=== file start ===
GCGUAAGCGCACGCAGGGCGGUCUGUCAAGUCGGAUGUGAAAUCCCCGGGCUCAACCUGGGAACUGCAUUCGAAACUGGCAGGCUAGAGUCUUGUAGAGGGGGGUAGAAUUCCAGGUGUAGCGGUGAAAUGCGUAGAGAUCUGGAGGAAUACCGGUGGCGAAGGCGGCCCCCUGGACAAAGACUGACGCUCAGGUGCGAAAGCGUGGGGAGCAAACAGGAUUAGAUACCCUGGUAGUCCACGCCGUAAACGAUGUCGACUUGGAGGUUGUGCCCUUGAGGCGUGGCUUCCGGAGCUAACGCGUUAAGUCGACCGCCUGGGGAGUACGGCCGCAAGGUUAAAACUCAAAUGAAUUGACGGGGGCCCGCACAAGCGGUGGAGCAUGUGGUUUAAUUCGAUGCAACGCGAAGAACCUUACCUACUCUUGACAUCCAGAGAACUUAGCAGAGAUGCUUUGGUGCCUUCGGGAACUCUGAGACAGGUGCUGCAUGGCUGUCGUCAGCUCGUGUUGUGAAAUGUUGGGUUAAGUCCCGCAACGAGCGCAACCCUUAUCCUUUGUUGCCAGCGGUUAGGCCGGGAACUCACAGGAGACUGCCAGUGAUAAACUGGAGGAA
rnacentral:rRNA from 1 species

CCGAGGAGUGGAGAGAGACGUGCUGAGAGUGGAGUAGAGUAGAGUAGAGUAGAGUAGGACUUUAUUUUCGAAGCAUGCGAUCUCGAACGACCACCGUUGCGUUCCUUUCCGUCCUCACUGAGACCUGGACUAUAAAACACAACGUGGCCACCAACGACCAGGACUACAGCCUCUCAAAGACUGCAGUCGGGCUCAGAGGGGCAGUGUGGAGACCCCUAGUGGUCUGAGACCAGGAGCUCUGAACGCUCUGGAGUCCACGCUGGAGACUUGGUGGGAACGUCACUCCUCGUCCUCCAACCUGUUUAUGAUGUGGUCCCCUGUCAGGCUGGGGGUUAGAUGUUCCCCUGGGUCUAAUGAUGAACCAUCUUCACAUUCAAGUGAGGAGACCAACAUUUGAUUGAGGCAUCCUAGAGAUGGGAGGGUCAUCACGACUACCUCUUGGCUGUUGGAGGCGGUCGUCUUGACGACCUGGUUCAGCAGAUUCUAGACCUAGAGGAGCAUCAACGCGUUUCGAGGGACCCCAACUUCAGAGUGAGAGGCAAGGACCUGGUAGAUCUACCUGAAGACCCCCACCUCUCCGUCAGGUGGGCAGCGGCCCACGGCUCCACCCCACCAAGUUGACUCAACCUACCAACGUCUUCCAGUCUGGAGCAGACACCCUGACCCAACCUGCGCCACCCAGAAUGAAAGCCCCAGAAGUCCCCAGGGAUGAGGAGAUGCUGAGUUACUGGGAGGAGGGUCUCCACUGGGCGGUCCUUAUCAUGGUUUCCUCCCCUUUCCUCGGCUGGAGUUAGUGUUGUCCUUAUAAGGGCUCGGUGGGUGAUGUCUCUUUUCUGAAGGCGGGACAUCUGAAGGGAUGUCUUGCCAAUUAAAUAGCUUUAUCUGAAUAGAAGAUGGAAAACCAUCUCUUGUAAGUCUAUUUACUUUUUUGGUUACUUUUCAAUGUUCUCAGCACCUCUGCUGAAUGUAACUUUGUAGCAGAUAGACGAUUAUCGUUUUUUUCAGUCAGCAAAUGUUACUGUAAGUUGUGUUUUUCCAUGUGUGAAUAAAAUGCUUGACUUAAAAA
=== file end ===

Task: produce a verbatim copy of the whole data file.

GCGUAAGCGCACGCAGGGCGGUCUGUCAAGUCGGAUGUGAAAUCCCCGGGCUCAACCUGGGAACUGCAUUCGAAACUGGCAGGCUAGAGUCUUGUAGAGGGGGGUAGAAUUCCAGGUGUAGCGGUGAAAUGCGUAGAGAUCUGGAGGAAUACCGGUGGCGAAGGCGGCCCCCUGGACAAAGACUGACGCUCAGGUGCGAAAGCGUGGGGAGCAAACAGGAUUAGAUACCCUGGUAGUCCACGCCGUAAACGAUGUCGACUUGGAGGUUGUGCCCUUGAGGCGUGGCUUCCGGAGCUAACGCGUUAAGUCGACCGCCUGGGGAGUACGGCCGCAAGGUUAAAACUCAAAUGAAUUGACGGGGGCCCGCACAAGCGGUGGAGCAUGUGGUUUAAUUCGAUGCAACGCGAAGAACCUUACCUACUCUUGACAUCCAGAGAACUUAGCAGAGAUGCUUUGGUGCCUUCGGGAACUCUGAGACAGGUGCUGCAUGGCUGUCGUCAGCUCGUGUUGUGAAAUGUUGGGUUAAGUCCCGCAACGAGCGCAACCCUUAUCCUUUGUUGCCAGCGGUUAGGCCGGGAACUCACAGGAGACUGCCAGUGAUAAACUGGAGGAA
rnacentral:rRNA from 1 species

CCGAGGAGUGGAGAGAGACGUGCUGAGAGUGGAGUAGAGUAGAGUAGAGUAGAGUAGGACUUUAUUUUCGAAGCAUGCGAUCUCGAACGACCACCGUUGCGUUCCUUUCCGUCCUCACUGAGACCUGGACUAUAAAACACAACGUGGCCACCAACGACCAGGACUACAGCCUCUCAAAGACUGCAGUCGGGCUCAGAGGGGCAGUGUGGAGACCCCUAGUGGUCUGAGACCAGGAGCUCUGAACGCUCUGGAGUCCACGCUGGAGACUUGGUGGGAACGUCACUCCUCGUCCUCCAACCUGUUUAUGAUGUGGUCCCCUGUCAGGCUGGGGGUUAGAUGUUCCCCUGGGUCUAAUGAUGAACCAUCUUCACAUUCAAGUGAGGAGACCAACAUUUGAUUGAGGCAUCCUAGAGAUGGGAGGGUCAUCACGACUACCUCUUGGCUGUUGGAGGCGGUCGUCUUGACGACCUGGUUCAGCAGAUUCUAGACCUAGAGGAGCAUCAACGCGUUUCGAGGGACCCCAACUUCAGAGUGAGAGGCAAGGACCUGGUAGAUCUACCUGAAGACCCCCACCUCUCCGUCAGGUGGGCAGCGGCCCACGGCUCCACCCCACCAAGUUGACUCAACCUACCAACGUCUUCCAGUCUGGAGCAGACACCCUGACCCAACCUGCGCCACCCAGAAUGAAAGCCCCAGAAGUCCCCAGGGAUGAGGAGAUGCUGAGUUACUGGGAGGAGGGUCUCCACUGGGCGGUCCUUAUCAUGGUUUCCUCCCCUUUCCUCGGCUGGAGUUAGUGUUGUCCUUAUAAGGGCUCGGUGGGUGAUGUCUCUUUUCUGAAGGCGGGACAUCUGAAGGGAUGUCUUGCCAAUUAAAUAGCUUUAUCUGAAUAGAAGAUGGAAAACCAUCUCUUGUAAGUCUAUUUACUUUUUUGGUUACUUUUCAAUGUUCUCAGCACCUCUGCUGAAUGUAACUUUGUAGCAGAUAGACGAUUAUCGUUUUUUUCAGUCAGCAAAUGUUACUGUAAGUUGUGUUUUUCCAUGUGUGAAUAAAAUGCUUGACUUAAAAA